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FDA advises those with seafood allergies not to eat cicadas

FDA advises those with seafood allergies not to eat cicadas
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The Food and Drug Administration (FDA) is warning people with seafood allergies not to eat cicadas.

The agency acknowledged that the guidance may seem unusual, though it comes as some have tried to take advantage of the swarm of cicadas this year by cooking and eating the insects. The bugs can be prepared and eaten like other foods and protein sources.

“Yep! We have to say it!” the FDA tweeted Wednesday, cautioning people not to eat cicadas if they have seafood allergies because "these insects share a family relation to shrimp and lobsters.”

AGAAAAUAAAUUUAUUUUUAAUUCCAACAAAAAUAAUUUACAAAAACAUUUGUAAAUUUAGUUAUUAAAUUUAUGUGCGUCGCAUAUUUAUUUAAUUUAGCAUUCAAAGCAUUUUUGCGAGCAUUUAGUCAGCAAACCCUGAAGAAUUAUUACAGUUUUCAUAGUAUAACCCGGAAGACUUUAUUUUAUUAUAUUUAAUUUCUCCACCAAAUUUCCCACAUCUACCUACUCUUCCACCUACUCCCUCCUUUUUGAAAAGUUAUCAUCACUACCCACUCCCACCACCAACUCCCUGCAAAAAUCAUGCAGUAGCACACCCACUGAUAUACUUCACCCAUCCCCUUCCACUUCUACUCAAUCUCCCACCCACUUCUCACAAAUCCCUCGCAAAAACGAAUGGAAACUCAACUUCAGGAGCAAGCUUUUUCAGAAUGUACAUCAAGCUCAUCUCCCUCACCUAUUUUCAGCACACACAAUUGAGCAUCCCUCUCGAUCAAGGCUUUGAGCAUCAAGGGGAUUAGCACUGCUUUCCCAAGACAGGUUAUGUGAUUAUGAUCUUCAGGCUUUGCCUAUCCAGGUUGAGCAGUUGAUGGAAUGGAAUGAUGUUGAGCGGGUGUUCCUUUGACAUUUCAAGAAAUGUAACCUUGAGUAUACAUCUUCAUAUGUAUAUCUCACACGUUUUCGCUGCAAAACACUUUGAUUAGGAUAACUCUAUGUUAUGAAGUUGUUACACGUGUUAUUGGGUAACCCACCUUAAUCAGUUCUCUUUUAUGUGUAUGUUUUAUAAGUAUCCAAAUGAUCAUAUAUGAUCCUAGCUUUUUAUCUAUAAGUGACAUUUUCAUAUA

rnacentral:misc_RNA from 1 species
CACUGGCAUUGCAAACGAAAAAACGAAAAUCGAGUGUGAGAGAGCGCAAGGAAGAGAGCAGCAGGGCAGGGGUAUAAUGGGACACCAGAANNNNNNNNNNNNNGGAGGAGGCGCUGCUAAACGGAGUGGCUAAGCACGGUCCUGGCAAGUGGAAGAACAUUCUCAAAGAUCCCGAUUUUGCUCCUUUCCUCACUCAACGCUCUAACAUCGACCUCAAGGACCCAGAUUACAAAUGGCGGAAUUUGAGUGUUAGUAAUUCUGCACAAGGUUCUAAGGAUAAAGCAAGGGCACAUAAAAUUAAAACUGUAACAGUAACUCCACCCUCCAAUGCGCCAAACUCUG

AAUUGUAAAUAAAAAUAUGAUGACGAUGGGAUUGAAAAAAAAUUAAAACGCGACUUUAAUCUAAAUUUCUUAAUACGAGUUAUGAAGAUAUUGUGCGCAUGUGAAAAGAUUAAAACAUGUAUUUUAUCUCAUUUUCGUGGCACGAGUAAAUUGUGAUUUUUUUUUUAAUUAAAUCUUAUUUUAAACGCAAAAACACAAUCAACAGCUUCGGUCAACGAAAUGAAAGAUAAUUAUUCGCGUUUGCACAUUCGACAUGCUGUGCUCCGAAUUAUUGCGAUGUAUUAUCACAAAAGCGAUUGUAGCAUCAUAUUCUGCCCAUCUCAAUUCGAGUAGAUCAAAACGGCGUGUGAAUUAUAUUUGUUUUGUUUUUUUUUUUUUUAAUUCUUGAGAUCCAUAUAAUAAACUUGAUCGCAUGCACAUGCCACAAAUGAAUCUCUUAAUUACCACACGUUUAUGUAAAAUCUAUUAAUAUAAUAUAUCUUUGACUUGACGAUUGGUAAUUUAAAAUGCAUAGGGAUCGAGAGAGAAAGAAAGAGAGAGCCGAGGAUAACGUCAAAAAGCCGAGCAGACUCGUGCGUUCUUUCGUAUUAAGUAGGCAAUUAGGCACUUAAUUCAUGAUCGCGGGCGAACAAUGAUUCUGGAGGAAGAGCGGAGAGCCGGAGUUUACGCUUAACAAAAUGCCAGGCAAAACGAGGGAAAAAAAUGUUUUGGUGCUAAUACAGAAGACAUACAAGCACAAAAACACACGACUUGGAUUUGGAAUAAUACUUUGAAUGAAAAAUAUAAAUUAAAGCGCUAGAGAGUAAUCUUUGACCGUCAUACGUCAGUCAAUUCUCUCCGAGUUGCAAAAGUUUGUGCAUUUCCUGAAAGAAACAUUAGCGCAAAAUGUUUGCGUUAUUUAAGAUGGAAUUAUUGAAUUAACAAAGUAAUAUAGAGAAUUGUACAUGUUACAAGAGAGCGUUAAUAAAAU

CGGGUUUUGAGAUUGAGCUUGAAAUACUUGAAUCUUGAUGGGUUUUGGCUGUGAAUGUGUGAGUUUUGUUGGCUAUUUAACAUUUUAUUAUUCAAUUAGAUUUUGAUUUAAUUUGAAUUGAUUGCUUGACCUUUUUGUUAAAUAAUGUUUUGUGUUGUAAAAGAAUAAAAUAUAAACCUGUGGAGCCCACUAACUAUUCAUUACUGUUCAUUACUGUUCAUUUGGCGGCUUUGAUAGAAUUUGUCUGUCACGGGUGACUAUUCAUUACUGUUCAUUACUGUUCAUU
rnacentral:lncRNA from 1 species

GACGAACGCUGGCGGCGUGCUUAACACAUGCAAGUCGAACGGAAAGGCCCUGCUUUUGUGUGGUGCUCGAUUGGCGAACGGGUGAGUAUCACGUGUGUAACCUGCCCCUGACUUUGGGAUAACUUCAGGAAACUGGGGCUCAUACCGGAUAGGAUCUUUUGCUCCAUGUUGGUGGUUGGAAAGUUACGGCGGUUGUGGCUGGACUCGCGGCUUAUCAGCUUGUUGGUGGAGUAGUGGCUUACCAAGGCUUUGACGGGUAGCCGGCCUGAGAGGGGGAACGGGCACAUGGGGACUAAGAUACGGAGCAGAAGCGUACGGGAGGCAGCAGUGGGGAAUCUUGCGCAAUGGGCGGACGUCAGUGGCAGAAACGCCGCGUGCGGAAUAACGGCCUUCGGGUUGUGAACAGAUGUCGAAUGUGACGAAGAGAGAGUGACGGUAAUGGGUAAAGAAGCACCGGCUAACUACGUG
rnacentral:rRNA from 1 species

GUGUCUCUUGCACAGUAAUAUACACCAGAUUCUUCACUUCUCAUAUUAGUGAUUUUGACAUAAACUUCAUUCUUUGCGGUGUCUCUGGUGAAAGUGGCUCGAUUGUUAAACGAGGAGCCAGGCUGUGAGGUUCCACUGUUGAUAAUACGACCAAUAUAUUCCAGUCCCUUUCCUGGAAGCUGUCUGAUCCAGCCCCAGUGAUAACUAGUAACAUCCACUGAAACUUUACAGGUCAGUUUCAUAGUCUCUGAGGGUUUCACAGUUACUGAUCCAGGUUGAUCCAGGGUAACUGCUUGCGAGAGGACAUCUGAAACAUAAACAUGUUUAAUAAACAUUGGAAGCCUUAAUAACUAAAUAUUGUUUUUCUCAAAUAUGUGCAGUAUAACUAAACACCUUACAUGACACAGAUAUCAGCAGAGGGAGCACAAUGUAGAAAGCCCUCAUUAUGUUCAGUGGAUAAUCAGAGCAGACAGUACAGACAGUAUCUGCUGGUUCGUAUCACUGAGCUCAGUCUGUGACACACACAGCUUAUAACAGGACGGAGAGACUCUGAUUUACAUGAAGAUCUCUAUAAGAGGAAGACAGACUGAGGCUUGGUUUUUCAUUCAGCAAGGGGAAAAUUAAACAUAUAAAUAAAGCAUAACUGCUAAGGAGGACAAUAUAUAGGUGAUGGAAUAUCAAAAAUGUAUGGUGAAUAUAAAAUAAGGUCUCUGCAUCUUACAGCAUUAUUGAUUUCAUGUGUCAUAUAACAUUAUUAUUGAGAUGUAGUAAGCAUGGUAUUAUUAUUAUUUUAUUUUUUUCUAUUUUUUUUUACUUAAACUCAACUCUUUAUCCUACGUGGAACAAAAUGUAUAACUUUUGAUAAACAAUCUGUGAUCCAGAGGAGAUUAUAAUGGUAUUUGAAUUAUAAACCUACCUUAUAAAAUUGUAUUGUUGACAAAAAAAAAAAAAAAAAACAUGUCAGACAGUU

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Social media users were quick to jab the FDA’s guidance — and come up with solutions of their own. 

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Trillions of Brood X cicadas are emerging from below ground and swarming in Washington, D.C., and 15 states across the Eastern U.S. These noisy insects spend the first 17 years of their life underground before emerging to breed and lay eggs, although there are different generations and cycles of the bugs.

The FDA similarly warned pet owners last month that, although cicadas do not sting or bite, their exoskeleton can irritate the stomach lining if eaten and pose a choking hazard for smaller dogs.